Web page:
BMS has a feature where you can mark yourself “interested” in a particular movie and it lets you know when the movie is released. But it’s not real-time and it’s a general reminder that the movie is “out”, and not specific to your region or theaters.

What happened to the original Diomedes?

Diomedes was originally deployed as a Django App in 2019 on a GCP VM. It was deployed as a docker-compose app with

  1. A Nginx reverse proxy
  2. Postgres DB
  3. Redis (abused as a queue)
  4. Celery workers for cron jobs

I turned off the Django app last year and let the domain expire. I didn’t want to keep paying the recurring cloud bills and no one was going out last year so it didn’t make sense to keep it running.

That’s the logical reason. The real reason is that the server I was running it on ran out of disk space due to what I can only attribute to the large log files my compose app generated. I should’ve enabled log rotation but lesson learned, I guess?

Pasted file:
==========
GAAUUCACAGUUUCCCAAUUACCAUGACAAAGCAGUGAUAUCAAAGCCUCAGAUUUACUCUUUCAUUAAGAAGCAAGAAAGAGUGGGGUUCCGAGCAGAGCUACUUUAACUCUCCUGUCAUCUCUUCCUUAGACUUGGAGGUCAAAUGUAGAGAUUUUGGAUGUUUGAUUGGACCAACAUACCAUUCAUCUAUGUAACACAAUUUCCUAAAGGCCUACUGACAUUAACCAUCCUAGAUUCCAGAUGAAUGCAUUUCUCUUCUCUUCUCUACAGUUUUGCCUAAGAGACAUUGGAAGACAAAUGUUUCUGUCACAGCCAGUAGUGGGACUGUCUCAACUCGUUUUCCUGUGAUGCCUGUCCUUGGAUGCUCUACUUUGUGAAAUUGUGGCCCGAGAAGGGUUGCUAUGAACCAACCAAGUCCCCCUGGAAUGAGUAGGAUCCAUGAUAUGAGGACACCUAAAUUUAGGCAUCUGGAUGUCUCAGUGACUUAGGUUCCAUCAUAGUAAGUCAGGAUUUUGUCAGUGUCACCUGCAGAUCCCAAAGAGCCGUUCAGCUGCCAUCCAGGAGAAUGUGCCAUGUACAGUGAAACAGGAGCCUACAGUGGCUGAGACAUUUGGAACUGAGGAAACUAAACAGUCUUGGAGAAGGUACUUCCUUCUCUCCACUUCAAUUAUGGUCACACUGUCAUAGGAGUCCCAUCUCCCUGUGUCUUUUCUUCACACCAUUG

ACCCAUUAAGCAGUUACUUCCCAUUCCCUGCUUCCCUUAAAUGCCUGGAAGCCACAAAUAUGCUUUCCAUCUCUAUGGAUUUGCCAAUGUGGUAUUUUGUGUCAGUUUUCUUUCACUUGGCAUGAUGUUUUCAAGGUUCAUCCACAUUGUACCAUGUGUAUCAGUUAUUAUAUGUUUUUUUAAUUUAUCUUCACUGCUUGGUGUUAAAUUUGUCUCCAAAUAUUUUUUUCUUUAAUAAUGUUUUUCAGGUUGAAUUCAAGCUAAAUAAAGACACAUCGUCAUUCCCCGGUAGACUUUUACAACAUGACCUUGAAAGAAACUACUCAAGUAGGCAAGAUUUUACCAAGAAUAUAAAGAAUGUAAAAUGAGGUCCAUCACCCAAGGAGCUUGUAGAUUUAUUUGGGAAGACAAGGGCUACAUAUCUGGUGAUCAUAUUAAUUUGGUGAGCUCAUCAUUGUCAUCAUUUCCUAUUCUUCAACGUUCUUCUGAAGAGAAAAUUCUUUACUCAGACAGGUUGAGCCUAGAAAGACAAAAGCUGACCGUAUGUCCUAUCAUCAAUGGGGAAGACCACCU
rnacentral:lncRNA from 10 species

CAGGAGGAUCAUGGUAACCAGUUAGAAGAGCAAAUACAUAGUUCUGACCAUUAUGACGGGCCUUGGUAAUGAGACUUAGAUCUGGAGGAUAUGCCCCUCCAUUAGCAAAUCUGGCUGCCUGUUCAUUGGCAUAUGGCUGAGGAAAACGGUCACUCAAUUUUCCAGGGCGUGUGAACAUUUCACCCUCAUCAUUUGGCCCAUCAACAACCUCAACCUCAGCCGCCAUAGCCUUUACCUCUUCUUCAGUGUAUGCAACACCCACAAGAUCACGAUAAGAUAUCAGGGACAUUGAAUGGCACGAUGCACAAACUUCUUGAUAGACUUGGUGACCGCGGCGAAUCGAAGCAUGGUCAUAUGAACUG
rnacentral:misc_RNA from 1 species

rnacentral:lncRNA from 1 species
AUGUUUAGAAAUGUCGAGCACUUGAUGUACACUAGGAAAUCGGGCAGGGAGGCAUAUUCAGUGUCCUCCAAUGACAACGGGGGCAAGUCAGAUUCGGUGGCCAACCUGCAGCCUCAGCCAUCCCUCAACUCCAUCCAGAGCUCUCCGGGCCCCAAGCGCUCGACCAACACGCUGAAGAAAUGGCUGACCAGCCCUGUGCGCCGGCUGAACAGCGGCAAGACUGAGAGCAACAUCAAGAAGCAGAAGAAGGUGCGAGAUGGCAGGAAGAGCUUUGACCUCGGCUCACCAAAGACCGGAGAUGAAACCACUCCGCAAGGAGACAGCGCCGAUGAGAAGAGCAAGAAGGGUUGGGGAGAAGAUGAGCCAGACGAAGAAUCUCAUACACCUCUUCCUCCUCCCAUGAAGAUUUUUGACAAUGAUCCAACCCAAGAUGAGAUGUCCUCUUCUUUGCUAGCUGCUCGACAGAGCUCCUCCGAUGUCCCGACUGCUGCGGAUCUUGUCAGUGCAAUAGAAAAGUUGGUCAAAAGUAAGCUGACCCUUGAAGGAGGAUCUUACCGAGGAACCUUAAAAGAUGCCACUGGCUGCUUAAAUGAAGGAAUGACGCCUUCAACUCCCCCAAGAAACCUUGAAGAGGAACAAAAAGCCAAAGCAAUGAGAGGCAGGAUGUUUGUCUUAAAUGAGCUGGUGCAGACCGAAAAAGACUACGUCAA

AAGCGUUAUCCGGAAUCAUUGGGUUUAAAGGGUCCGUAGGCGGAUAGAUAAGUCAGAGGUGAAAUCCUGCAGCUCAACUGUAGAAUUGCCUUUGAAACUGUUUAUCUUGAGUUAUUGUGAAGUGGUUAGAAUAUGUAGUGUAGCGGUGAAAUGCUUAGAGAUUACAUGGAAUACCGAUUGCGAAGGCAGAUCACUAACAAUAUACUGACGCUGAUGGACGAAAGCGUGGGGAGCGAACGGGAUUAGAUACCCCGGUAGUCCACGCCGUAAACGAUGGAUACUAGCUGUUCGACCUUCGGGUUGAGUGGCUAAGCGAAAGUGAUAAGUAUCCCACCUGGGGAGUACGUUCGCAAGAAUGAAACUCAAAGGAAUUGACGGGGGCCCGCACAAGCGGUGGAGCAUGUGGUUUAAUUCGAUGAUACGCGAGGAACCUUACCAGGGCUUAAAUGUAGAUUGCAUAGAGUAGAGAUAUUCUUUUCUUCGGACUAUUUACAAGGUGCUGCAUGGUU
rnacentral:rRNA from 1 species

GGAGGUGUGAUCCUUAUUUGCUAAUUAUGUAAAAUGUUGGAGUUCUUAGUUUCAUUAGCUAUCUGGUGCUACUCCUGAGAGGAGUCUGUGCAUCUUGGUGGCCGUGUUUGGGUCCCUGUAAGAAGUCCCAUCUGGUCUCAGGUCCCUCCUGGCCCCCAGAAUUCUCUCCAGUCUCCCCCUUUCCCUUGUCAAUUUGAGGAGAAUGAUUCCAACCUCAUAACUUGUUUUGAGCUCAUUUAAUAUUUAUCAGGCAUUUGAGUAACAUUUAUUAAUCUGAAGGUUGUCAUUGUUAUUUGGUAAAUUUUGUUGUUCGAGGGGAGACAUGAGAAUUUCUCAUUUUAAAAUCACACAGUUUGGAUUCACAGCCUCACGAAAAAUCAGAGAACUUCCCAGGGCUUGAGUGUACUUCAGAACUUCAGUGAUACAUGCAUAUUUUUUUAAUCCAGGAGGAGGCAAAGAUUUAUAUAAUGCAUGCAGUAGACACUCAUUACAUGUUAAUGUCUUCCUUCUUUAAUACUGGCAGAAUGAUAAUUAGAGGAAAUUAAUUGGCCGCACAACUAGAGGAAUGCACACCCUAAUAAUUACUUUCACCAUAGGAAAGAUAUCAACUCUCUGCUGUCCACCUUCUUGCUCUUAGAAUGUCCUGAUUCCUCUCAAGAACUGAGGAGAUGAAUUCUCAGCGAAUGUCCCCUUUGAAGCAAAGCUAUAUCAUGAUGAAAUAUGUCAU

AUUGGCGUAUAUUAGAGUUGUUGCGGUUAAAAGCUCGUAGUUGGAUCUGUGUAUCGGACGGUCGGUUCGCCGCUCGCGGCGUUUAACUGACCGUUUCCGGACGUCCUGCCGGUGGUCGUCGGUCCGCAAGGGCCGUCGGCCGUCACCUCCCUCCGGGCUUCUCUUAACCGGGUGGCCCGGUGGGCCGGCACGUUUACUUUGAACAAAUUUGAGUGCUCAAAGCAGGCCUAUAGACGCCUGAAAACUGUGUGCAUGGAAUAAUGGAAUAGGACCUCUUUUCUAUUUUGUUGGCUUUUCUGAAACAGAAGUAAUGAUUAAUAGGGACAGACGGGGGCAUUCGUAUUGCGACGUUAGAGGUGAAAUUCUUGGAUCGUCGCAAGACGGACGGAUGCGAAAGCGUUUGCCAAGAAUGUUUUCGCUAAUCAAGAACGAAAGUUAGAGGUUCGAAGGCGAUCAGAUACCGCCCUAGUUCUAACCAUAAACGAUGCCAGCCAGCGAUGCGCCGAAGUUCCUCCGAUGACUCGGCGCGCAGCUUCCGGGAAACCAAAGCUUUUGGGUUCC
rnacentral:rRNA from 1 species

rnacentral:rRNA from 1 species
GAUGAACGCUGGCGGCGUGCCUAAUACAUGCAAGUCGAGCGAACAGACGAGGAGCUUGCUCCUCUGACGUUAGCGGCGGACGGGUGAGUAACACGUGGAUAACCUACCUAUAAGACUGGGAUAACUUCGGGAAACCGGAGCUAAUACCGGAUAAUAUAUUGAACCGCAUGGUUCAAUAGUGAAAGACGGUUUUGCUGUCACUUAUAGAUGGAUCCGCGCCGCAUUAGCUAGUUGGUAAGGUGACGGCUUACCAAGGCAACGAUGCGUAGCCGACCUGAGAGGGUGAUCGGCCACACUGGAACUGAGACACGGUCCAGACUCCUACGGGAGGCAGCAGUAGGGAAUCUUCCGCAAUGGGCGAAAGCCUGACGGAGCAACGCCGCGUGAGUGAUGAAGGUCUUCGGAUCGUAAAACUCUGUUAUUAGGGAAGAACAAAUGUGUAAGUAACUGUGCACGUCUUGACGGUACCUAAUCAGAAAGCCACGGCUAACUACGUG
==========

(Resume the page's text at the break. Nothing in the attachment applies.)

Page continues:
Things were so messed up that even after we managed to clear up disk space, the docker daemon on my VM wouldn’t work and I wasn’t able to restart the compose app. Namc helped me clear the disk space and fix my docker daemon (she’s a wizard with containers!).

However, the docker volume I was using for Postgres was still messed up and beyond recovery, for reasons I cannot recall. As a result, I lost all the existing user data. I don’t care much about the data since I didn’t plan on doing anything with it, but still feel bad it happened. I felt it best to lay it to rest at that point at revisit (or rewrite) it in the future.

Lessons learned?

  1. Don’t install docker using quick install scripts listed in the docs. Always install it via your package manager – Namc
  2. Never run databases in containers.

We're Serverless people now